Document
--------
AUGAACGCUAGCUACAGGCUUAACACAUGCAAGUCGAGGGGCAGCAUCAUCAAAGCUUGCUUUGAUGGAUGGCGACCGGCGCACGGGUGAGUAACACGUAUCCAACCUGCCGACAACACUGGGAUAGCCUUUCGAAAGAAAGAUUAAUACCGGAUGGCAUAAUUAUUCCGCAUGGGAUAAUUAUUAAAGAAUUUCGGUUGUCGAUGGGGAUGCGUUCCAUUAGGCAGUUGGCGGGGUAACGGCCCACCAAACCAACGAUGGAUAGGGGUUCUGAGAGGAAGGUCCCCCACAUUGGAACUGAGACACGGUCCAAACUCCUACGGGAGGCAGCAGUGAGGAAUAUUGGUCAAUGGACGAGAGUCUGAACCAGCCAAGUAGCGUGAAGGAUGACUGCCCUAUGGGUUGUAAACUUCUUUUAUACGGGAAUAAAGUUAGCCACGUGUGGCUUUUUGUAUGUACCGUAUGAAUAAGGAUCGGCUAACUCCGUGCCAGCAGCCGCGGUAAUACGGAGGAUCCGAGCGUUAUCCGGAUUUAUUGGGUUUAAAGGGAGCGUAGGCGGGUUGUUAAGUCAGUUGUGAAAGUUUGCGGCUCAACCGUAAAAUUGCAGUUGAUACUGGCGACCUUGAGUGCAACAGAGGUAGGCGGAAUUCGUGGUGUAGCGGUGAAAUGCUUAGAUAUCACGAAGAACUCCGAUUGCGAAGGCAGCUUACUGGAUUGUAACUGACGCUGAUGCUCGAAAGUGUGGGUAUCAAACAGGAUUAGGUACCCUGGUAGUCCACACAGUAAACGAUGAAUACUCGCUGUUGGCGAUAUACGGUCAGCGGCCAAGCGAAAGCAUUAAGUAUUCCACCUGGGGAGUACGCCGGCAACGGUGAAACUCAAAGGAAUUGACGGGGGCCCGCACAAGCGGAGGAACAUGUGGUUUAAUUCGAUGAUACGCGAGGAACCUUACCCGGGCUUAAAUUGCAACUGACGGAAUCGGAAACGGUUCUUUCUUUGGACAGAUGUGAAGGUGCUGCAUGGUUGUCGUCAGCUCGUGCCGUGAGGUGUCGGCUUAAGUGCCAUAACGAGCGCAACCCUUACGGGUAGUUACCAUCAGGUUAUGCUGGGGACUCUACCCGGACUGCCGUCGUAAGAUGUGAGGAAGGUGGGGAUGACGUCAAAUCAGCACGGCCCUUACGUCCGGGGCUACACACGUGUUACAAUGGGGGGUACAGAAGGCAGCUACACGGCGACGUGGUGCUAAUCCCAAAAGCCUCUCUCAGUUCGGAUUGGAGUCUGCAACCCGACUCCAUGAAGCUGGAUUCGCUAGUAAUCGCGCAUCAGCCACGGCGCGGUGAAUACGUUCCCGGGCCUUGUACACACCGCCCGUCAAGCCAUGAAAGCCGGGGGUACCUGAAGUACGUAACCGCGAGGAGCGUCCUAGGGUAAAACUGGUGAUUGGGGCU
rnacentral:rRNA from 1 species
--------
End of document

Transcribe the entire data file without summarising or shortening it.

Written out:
AUGAACGCUAGCUACAGGCUUAACACAUGCAAGUCGAGGGGCAGCAUCAUCAAAGCUUGCUUUGAUGGAUGGCGACCGGCGCACGGGUGAGUAACACGUAUCCAACCUGCCGACAACACUGGGAUAGCCUUUCGAAAGAAAGAUUAAUACCGGAUGGCAUAAUUAUUCCGCAUGGGAUAAUUAUUAAAGAAUUUCGGUUGUCGAUGGGGAUGCGUUCCAUUAGGCAGUUGGCGGGGUAACGGCCCACCAAACCAACGAUGGAUAGGGGUUCUGAGAGGAAGGUCCCCCACAUUGGAACUGAGACACGGUCCAAACUCCUACGGGAGGCAGCAGUGAGGAAUAUUGGUCAAUGGACGAGAGUCUGAACCAGCCAAGUAGCGUGAAGGAUGACUGCCCUAUGGGUUGUAAACUUCUUUUAUACGGGAAUAAAGUUAGCCACGUGUGGCUUUUUGUAUGUACCGUAUGAAUAAGGAUCGGCUAACUCCGUGCCAGCAGCCGCGGUAAUACGGAGGAUCCGAGCGUUAUCCGGAUUUAUUGGGUUUAAAGGGAGCGUAGGCGGGUUGUUAAGUCAGUUGUGAAAGUUUGCGGCUCAACCGUAAAAUUGCAGUUGAUACUGGCGACCUUGAGUGCAACAGAGGUAGGCGGAAUUCGUGGUGUAGCGGUGAAAUGCUUAGAUAUCACGAAGAACUCCGAUUGCGAAGGCAGCUUACUGGAUUGUAACUGACGCUGAUGCUCGAAAGUGUGGGUAUCAAACAGGAUUAGGUACCCUGGUAGUCCACACAGUAAACGAUGAAUACUCGCUGUUGGCGAUAUACGGUCAGCGGCCAAGCGAAAGCAUUAAGUAUUCCACCUGGGGAGUACGCCGGCAACGGUGAAACUCAAAGGAAUUGACGGGGGCCCGCACAAGCGGAGGAACAUGUGGUUUAAUUCGAUGAUACGCGAGGAACCUUACCCGGGCUUAAAUUGCAACUGACGGAAUCGGAAACGGUUCUUUCUUUGGACAGAUGUGAAGGUGCUGCAUGGUUGUCGUCAGCUCGUGCCGUGAGGUGUCGGCUUAAGUGCCAUAACGAGCGCAACCCUUACGGGUAGUUACCAUCAGGUUAUGCUGGGGACUCUACCCGGACUGCCGUCGUAAGAUGUGAGGAAGGUGGGGAUGACGUCAAAUCAGCACGGCCCUUACGUCCGGGGCUACACACGUGUUACAAUGGGGGGUACAGAAGGCAGCUACACGGCGACGUGGUGCUAAUCCCAAAAGCCUCUCUCAGUUCGGAUUGGAGUCUGCAACCCGACUCCAUGAAGCUGGAUUCGCUAGUAAUCGCGCAUCAGCCACGGCGCGGUGAAUACGUUCCCGGGCCUUGUACACACCGCCCGUCAAGCCAUGAAAGCCGGGGGUACCUGAAGUACGUAACCGCGAGGAGCGUCCUAGGGUAAAACUGGUGAUUGGGGCU
rnacentral:rRNA from 1 species